Rooflights need to comply with Part LA of the Building Regulations, last revised in October 2010, with the required U-value satisfied. It can be a complex area and factors such as your roof pitch and whether you’re building new or replacing/adding a rooflight to an existing home, impact upon the U-value required. Extensive ‘glass roofs’may be subject to more stringent control, while slight relaxation may be granted where the aesthetics of a rooflight are of primary concern, such as on listed homes.
“Building Control states that new rooflights to existing homes should usually have a maximum average U-value of 1.6W/m2/K. This is typically achieved with a combination of 6mm and 10mm toughened glass, with an argon-filled 16mm cavity,” says Charlie Sharman of Cantifix. “Different suppliers will use different combinations, but check with your supplier that the glass specification satisfies Part LA. A ‘low-emissivity’ coating on the glass will reduce U-values further.” Triple glazing will help improve thermal efficiency too, as well as offering good soundproofing.
Where overheating is also a potential concern then solar control glass is an option. “It can help reduce solar glare by up to 72%, and be of particular benefit to south-facing homes,” says Apropos’s Phil Buckley.
Bear in mind that a tinted glass, such as ‘blue’ or ‘bronze’, can also reduce glare, but will have an impact on the amount of light entering your home. So if you hope for maximum light transmission, you’ll have to specify ‘clear’ glazing.
If your rooflights will be difficult to access, then selfcleaning glass is a good idea. The surface reacts with sunlight to break down dirt, loosening its adhesion, which in turn allows dirt to be more readily washed away by rain. For flat rooflights installed with a shallow fall, “water droplets can be eliminated by use of a coating product such as Ritec’s ClearShield,” says Sharman.
Finally, give thought to safety. “All glass used should be toughened (to prevent it from shattering if broken), but if the roof is particularly high above floor level (5m+), then glass should also be heat soaked to strengthen further,” concludes Cantifix’s Sharman.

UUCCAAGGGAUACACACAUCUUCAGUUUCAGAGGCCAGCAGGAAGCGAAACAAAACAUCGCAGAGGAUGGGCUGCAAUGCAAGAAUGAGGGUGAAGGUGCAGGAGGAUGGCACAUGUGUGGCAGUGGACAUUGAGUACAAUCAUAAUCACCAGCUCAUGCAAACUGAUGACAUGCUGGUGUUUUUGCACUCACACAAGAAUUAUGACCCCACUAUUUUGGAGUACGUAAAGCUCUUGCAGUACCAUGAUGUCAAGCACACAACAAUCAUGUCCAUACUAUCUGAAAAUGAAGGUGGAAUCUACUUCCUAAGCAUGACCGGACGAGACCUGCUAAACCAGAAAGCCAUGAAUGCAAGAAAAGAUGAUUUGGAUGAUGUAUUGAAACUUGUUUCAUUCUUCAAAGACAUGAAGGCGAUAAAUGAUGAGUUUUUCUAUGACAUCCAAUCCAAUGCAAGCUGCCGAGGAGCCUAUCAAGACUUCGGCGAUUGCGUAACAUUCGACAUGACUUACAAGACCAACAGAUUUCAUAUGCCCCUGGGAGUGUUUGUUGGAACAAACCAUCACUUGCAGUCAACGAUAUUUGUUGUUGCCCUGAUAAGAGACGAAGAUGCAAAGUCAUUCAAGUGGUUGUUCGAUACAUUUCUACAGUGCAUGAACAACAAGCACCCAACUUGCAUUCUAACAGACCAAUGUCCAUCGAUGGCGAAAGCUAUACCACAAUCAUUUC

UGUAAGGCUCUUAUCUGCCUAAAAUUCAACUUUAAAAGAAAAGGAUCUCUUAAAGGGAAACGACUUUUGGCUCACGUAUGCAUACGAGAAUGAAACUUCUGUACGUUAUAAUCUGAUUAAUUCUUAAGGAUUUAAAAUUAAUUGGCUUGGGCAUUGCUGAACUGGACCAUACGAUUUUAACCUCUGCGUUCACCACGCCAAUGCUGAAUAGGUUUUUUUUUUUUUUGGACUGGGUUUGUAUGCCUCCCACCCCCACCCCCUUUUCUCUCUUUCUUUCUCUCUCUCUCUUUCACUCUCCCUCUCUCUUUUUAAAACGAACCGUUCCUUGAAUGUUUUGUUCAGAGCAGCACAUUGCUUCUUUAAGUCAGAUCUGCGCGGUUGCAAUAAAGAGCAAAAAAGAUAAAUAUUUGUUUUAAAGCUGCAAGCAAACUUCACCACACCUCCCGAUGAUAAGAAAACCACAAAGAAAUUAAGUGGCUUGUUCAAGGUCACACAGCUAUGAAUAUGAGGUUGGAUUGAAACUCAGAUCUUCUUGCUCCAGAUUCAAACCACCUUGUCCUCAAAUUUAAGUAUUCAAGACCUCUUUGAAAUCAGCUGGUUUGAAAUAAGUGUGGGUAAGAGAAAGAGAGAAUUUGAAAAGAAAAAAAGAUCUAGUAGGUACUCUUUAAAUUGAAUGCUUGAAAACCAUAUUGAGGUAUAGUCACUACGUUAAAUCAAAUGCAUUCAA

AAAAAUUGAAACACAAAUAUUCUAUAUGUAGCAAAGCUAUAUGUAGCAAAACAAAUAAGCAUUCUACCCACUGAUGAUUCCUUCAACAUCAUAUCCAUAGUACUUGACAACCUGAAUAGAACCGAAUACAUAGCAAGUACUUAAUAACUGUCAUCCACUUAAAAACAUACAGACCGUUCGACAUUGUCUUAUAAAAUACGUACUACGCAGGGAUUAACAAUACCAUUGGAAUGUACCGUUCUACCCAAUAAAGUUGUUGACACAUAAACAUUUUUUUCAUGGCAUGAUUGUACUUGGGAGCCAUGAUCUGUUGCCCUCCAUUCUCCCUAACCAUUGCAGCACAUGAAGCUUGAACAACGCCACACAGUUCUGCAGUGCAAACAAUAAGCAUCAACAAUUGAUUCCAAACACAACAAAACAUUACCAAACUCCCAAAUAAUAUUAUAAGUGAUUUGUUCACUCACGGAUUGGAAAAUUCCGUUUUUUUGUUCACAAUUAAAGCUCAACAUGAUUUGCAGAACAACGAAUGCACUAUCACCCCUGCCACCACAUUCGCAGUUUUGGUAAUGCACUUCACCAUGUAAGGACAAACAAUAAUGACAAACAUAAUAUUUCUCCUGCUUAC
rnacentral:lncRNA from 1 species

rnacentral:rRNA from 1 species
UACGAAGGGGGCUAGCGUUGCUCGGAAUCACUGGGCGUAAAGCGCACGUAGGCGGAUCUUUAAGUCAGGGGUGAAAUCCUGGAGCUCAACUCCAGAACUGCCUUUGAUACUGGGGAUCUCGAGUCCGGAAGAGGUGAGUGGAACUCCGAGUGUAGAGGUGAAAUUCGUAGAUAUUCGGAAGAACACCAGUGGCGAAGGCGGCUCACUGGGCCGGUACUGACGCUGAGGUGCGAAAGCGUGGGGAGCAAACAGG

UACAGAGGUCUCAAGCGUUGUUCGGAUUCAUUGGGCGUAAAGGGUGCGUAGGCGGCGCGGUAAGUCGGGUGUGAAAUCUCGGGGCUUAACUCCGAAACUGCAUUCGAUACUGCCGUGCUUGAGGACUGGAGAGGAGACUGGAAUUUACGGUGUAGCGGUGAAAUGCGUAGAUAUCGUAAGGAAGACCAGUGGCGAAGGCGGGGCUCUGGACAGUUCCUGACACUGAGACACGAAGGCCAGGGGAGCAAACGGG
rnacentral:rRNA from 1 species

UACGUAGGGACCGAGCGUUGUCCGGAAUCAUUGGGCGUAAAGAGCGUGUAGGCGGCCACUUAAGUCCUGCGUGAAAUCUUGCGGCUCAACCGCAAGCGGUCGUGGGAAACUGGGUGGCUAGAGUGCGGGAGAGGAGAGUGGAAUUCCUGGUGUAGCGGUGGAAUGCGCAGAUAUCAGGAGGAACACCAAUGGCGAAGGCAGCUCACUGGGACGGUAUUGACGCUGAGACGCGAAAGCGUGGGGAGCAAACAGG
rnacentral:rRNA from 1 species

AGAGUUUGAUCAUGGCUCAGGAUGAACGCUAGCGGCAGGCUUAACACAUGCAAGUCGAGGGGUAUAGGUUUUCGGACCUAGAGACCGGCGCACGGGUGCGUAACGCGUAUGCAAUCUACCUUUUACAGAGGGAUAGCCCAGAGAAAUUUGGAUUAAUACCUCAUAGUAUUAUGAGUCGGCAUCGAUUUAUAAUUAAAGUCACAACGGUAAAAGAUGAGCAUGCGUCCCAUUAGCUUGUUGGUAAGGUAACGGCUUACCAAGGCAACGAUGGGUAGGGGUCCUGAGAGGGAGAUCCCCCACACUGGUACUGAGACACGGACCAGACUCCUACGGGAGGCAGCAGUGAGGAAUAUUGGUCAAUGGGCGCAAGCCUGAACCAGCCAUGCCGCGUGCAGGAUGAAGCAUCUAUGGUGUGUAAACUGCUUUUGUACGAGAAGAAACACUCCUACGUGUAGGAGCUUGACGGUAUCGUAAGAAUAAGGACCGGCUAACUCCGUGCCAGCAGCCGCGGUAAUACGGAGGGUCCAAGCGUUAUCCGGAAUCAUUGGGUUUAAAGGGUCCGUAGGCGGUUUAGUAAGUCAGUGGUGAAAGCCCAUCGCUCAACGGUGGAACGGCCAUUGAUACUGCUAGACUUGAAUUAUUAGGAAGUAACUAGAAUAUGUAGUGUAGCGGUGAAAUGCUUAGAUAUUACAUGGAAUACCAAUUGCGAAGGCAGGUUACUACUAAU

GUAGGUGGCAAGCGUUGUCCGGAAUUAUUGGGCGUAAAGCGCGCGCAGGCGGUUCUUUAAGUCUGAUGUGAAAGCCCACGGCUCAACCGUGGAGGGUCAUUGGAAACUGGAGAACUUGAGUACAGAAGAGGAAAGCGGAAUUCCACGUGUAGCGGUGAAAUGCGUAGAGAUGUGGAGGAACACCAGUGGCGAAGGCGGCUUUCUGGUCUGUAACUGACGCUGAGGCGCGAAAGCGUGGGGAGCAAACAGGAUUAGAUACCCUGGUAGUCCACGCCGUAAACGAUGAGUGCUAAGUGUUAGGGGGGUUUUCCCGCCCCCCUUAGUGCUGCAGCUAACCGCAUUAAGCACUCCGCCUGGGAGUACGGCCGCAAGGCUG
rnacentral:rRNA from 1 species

The job of fitting rooflights is usually undertaken either by a carpenter or a roofer, although it is a job that can be tackled by an experienced DIYer, too. Some rooflight specialists also offer a fitting service.
Rooflights can be fitted from either the inside of the house or externally. It is not always necessary for rafters in the roof to be cut in order to insert a rooflight, as many standard rooflights of 550mm wide easily fit between modern rafters. Alternatively, choosing to fit a run of smaller rooflights as opposed to one large one can eliminate the need to cut rafters. Where rafters will have to be cut, you should seek the advice of a structural engineer.
The simplest and cheapest opening rooflights are operated manually, with a pole. For around £200 extra a window, you can install rooflights with a basic electronic opening system, controlled by a remote control or wall panel. They can also be integrated into a whole-house setup — more advanced options include weather and fire sensors.
A more discreet way of bringing light in from above is the lightpipe. These are aluminium tubes with an internal mirror finish that intensifies and reflects natural light, which is evenly diffused around the room by a ceiling fixture. Lightpipes can be any length and will twist and turn around bends — fitting in between rafters and roof joists. You have the option to sit halogen lights inside the tube, and a black-out diffuser will prevent you being woken up at the crack of dawn. Some models incorporate ventilation which can be solar powered.
Kevin Brennan, Head of Sustainability, Velux Company Ltd (0870 166 7676)